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Taliban Bans TikTok, Popular Video Game In Afghanistan

Afghan girls wearing traditional dresses play with a mobile phone. The Taliban says its ban on certain social media applications is aimed to protect younger generations.

Afghanistan's Taliban rulers have banned the social media application TikTok and popular online game PUBG, saying the move is aimed to protect younger generations from a bad influence.

Spokesman Inamullah Samangani tweeted that the Taliban government on April 21 instructed the Communications and Information Technology Ministry to restrict access to the two digital platforms, as well as instructing it to close all channels that broadcast what he called immoral programs.

"The Ministry of Communications and Information Technology is required to block PUBG games and an application called TikTok, which misleads the younger generation," Samangani tweeted.

"Likewise, it must prevent as much as possible the publication of any channel that publishes immoral material and programs."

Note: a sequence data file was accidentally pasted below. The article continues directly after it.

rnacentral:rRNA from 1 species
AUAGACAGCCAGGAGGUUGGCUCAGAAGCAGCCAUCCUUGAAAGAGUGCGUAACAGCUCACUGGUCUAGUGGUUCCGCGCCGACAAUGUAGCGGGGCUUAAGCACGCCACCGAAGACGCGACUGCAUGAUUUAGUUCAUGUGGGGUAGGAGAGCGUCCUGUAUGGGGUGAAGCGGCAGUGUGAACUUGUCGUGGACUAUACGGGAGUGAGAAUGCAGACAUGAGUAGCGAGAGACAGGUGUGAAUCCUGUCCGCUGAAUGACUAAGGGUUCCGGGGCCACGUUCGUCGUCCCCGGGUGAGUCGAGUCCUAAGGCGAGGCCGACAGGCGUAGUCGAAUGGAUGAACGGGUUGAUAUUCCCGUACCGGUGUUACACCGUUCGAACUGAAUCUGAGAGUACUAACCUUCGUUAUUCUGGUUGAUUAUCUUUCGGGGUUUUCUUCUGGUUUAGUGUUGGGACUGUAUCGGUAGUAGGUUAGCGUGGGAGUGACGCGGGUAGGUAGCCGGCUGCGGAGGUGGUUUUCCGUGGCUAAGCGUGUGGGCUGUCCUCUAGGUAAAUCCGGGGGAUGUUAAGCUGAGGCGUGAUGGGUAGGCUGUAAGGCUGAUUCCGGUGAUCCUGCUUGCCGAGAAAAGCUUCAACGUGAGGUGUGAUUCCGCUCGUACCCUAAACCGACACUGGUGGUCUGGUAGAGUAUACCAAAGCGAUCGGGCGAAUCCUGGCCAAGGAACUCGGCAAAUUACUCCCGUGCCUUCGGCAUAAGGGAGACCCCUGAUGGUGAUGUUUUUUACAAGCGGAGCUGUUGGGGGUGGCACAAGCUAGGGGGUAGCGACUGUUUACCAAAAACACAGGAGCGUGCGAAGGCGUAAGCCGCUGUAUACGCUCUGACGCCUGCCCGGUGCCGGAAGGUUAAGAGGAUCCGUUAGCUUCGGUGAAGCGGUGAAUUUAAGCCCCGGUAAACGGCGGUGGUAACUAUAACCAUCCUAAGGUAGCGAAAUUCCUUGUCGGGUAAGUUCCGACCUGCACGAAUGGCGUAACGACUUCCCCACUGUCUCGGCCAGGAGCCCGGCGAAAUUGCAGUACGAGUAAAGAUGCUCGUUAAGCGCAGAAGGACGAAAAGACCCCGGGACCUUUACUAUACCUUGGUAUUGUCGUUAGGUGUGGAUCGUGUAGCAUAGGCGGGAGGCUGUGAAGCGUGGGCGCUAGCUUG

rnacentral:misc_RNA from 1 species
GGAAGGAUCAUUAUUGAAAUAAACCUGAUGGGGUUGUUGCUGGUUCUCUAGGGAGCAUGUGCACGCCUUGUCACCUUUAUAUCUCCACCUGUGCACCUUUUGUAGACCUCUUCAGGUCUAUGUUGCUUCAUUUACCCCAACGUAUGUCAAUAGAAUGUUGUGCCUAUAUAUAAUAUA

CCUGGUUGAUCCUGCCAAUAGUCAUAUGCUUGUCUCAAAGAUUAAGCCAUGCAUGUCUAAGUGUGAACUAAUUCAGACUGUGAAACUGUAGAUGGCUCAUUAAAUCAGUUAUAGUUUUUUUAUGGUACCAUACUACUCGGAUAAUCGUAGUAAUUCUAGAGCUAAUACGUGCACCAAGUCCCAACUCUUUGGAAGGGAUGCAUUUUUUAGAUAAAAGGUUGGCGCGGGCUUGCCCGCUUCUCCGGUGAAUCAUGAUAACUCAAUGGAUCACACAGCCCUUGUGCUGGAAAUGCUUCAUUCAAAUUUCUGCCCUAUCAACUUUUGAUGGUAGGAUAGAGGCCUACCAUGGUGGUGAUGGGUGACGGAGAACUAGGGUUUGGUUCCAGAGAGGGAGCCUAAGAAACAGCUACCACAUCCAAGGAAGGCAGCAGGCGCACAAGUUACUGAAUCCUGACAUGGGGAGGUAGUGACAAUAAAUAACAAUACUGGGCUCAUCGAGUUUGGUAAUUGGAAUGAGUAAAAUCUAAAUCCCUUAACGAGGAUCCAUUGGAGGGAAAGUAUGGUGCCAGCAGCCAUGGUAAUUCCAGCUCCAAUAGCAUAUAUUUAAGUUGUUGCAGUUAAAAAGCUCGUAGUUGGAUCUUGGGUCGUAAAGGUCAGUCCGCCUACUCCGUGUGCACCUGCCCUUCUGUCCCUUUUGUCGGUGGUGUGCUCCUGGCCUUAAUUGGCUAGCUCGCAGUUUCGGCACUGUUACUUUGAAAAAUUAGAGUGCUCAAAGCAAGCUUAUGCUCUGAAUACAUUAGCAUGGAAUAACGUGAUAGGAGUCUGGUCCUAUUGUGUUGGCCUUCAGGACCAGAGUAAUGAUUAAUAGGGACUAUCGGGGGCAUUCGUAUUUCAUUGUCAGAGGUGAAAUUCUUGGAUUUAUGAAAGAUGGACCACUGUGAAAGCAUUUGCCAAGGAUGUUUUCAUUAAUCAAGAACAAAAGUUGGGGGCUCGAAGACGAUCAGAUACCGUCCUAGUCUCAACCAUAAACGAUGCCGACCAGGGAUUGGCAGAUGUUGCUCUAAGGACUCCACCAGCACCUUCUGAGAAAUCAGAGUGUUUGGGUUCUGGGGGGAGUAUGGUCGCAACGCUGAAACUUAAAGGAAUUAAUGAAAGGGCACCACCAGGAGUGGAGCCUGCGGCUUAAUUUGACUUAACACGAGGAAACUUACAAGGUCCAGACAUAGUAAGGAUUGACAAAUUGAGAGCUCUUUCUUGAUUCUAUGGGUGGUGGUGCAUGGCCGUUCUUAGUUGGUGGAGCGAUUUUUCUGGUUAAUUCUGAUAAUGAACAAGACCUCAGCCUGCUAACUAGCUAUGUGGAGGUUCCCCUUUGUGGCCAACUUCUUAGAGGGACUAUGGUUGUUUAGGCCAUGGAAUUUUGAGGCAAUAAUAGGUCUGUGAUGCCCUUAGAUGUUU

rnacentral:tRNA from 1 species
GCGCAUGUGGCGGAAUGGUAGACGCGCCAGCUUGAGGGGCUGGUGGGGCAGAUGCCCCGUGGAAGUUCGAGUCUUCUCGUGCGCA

Chinese-owned TikTok, a global short-video platform popular with younger audiences, has been criticized for what some experts said was a negative impact on children and young adults' mental health due to the risk of addiction and its potential for bullying and enabling sexual predators.

PUBG: Battlegrounds, or PlayerUnknown's Battlegrounds, is a player-versus-player online shooter game developed by South Korean gaming company Krafton. PUBG allows up to 100 players to engage in what is known as a battle royale -- a type of large-scale last-man-standing video deathmatch.

Experts say it would be difficult to completely bar the applications in Afghanistan because they can still be accessed via proxy applications and virtual private networks.

The Taliban returned to power in August following a blitz offensive across Afghanistan amid the hasty withdrawal of U.S.-led forces from the war-wracked country.

The militant group promised a softer version of the harsh Islamist rule that characterized its first stint in power from 1996 to 2001, when any form of entertainment was banned and punished severely.

But many restrictions, especially on women's rights to education, have still been imposed by the Taliban rulers since they seized control of the country last year.

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